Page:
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cd review: moritz von oswald trio: vertical ascent
21 September, 2009, 12:24 PM
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Reviewed on Saturday, July 25, 2009 by Areti Sakellaris
Published on URB.com
Honest Jon’s Recordings
4.5 Stars

The debut from the Moritz Von Oswald Trio, Vertical Ascent, doesn’t play any games with listeners. No funky lasers or Auto-tuned lyrics to hold onto. For longtime fans of electronic, dub, and techno, you’re acclimated to the fundamental structure; however, for those brave newbies, Ascent may seem underwhelming. Or overwhelming for those trying to grasp it. First I thought, Oh, I’ll have to really listen to this album because it doesn’t get in my head. Instead, I will have to get inside of it and explore this musical landscape on my own. Gulp. This album sounds like falling into the abyss.

And that is meant as a massive compliment. I could weave a framework, and as different sounds and emotions caught my ear, I could add to it. It summoned my creativity, and I found a depth to these epic tracks (the first cut is 14 solid minutes of pure ambient electronic) that the cute three-minute ditty hardly captures. Inspiring. There are no unexpected moments of intense flashiness, cacophonous reverb, or lyrics; it is experimental and minimal. However, Ascent is not an intimidating record necessitating a PhD in something fancy to enjoy and appreciate it.

Imagine a derelict warehouse by the docks, the music is lost in time—stark and futuristic—and a highly respected techno pioneer beyond introductions, Moritz von Oswald, orchestrating the synthesizers and samplers. Max Louderbauer is responsible for the analog synthesizers and Vladislav Delay (aka Sasu Ripatti) is on drums and percussion.

This isn’t a record for the impatient; the lethargic tracks take their time to develop, and for the huge space the trio creates, they fill the atmosphere with intimacy and allure, seamlessly progressing from one movement to the next.

Von Oswald said at an interview that he likes to use a limited number of elements and repetition for his music, which certainly does not make this a boring or heartless record. Quite the contrary, Ascent is an electronic symphony thoroughly alive and existing in its own vortex continuum.



Heating Up: RH+ Debuts Stateside
3 February, 2009, 10:12 PM
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The heat is on for the Chilean ensemble RH+ as they release their American debut Quintana Roo today. Veteran performers for over seven years, singers Fernando Lasalvia and Ximena “Nera” Munoz deliver a unique blend of diaphanous vocals over a dynamic mix of driving electronica and ambient tones.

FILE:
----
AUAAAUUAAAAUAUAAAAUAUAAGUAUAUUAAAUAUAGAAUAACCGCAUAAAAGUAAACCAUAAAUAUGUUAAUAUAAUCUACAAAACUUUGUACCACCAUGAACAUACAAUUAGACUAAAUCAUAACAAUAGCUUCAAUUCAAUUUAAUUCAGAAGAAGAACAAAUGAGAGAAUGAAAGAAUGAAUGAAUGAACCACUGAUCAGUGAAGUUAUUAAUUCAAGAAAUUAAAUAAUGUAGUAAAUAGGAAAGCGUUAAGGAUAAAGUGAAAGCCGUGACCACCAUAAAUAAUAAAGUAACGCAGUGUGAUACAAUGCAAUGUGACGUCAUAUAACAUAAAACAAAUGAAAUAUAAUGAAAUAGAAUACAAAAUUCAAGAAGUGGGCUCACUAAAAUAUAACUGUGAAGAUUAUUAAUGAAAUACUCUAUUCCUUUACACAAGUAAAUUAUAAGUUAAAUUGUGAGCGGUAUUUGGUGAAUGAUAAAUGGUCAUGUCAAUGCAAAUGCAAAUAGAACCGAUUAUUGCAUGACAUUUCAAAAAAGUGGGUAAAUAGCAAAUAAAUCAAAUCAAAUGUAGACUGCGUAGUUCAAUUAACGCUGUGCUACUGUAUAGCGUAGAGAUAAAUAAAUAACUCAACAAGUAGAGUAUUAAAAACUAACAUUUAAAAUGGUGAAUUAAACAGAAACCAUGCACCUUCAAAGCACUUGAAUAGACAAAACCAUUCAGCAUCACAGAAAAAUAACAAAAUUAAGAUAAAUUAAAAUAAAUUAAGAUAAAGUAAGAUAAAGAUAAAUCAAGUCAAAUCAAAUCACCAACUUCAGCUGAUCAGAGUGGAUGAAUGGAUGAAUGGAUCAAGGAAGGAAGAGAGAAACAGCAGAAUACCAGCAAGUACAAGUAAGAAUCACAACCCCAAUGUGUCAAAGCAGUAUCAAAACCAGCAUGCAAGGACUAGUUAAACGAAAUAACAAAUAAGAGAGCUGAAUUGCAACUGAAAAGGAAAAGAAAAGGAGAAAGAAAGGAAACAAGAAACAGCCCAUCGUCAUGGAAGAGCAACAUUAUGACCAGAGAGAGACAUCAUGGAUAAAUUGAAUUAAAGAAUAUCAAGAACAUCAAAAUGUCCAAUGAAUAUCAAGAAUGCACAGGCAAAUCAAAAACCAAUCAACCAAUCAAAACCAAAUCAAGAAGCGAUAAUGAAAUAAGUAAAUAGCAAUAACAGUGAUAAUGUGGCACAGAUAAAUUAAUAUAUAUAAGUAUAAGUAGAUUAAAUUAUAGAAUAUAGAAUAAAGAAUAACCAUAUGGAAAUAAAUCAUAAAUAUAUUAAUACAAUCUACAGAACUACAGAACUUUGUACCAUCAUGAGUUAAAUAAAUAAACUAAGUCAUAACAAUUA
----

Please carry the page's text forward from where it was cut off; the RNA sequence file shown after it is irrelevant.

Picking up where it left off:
From the get-go, “What About” sets the pace for the album and ushers listeners into a warm, expansive space; Lasalvia and Munoz’s interlaced vocals are a pleasant dream that encapsulates you.

“Perry Frankie Miller Gajardo” is downright spellbinding. Though Lasalvia sings, “I never thought that I was dressed in blue,” the delivery of this introspective number juxtaposes his melancholy with happiness. This juxtaposition is highlighted in the music video [below] in which the protagonist erupts into riotous laughter at its conclusion, belying Lasalvia’s sadness.

Current single “Curb” and the thumping guitar of dance-driven “Rockinsol” propel the album to new heights. Munoz ponders on “Rockinsol,” which is a huge hit in Chile, “What is wrong with your life?” Again, RH+ is asking listeners to reposition themselves and perhaps enter another dimension via Quintana Roo‘s musical odyssey. At this point, the tracks coalesce into a package of songs that belong together; there are no throw-away tracks that seem out of place.

On “El Elela,” Lasalvia sings in Spanish, while Munoz accompanies him in English,  and the song is reminiscent of a drug trip with its lo-fi feel, fuzzy edges, effects popping up, and the hypnotic synthesizer fading out like a damaged record player.

“We’re falling in love,” Munoz calls and Lasalvia responds on “The Right Room.” Lasalvia and Munoz’s vocals are layered with instrumentation and a voiceover together splendidly underscoring their quirky sound. This song is the soundtrack for late-night driving through dream-lit city streets.

Rounding out the album with “Shuggie Ortiz,” Lasalvia slows down and his voice moves from sexy to tough to truly tender when he declares, “You are my everything.” Munoz does not join him until the song is nearly over, and the sudden presence of her voice accents its absence from the rest of the track; this is his testament and she accepts it.

The final track, “The Sing of the Golden Urg” links up the voice effects of “Sambacunta,” and “Hell is Not A Safe Place.” Playing the songs off one another helps to render the album very intimate, and the organic sensations and imagery push conceptual boundaries into another sonic dimension—creating that expansive effect.

This album has much to offer and trying to pin it down is like trying to pick out just one star from the sky; read into the lyrics and pull out political nuances or the religiosity associated with the album’s title or the linguistic interchanges or say it sounds similar to the likes of Broken Social Scene or Air. This album is for those looking for something a little off-the-beaten-path.